Service fears that that the new, far more complex reports would actually be less informative. “A case can be made that publicly listed companies, companies that are borrowing public money and government organisations need to have this level of reporting. But if the reports are of interest only to a very small group of owners – in a small family company, for instance – what is the point of producing something they’re never going to use?

    “AASB is accountant-driven – they’re not looking at this from the user point of view. Also, there’s no question that the introduction of IFRS will have a very positive impact on their business. I’m an accountant myself so I’m not wishing to sound harsh, but I do nevertheless believe there’s a conflict of interest here which is not being recognised.”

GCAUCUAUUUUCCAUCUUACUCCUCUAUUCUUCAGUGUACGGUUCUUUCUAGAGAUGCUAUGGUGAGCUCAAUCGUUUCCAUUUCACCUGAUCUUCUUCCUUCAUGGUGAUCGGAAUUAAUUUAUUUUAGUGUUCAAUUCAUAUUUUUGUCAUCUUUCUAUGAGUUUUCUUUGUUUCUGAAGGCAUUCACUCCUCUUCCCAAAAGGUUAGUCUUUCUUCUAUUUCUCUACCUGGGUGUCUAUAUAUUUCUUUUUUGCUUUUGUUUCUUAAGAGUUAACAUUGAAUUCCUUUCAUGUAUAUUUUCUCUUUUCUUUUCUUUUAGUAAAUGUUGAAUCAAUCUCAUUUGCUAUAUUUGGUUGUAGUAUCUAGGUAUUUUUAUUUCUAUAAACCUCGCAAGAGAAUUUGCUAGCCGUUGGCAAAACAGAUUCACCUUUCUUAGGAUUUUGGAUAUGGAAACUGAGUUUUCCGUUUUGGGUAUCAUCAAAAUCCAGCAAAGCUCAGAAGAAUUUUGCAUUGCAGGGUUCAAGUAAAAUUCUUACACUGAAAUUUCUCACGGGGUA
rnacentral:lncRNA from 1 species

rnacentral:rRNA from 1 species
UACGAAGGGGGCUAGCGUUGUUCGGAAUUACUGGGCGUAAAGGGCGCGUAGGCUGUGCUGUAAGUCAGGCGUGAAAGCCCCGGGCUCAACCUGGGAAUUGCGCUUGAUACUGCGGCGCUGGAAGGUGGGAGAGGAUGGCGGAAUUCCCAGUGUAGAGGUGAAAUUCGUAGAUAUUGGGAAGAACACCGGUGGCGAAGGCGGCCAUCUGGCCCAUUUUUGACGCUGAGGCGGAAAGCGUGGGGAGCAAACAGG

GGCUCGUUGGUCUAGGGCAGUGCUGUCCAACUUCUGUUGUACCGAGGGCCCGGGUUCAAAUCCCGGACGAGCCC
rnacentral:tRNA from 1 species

Small gets bigger

    A glimmer of good news for larger SMEs came with the passing by Parliament of the Corporations Legislation Amendment (Simpler Regulatory System) Bill 2007, which increases the thresholds for proprietary companies that must prepare and lodge financial reports with ASIC.

    Under the new thresholds, a proprietary company will be defined as being “large” if it satisfies two of the following tests:

    • Has revenue of $25 million (previously $10 million).
    • Has assets of $12.5 million (previously $5 million).
    • Has 50 employees.

    Michael Coleman, national managing partner of risk and regulation at KPMG, and chair of AICD’s Reporting Commitee, says this change should remove the reporting burden from a number of smaller companies.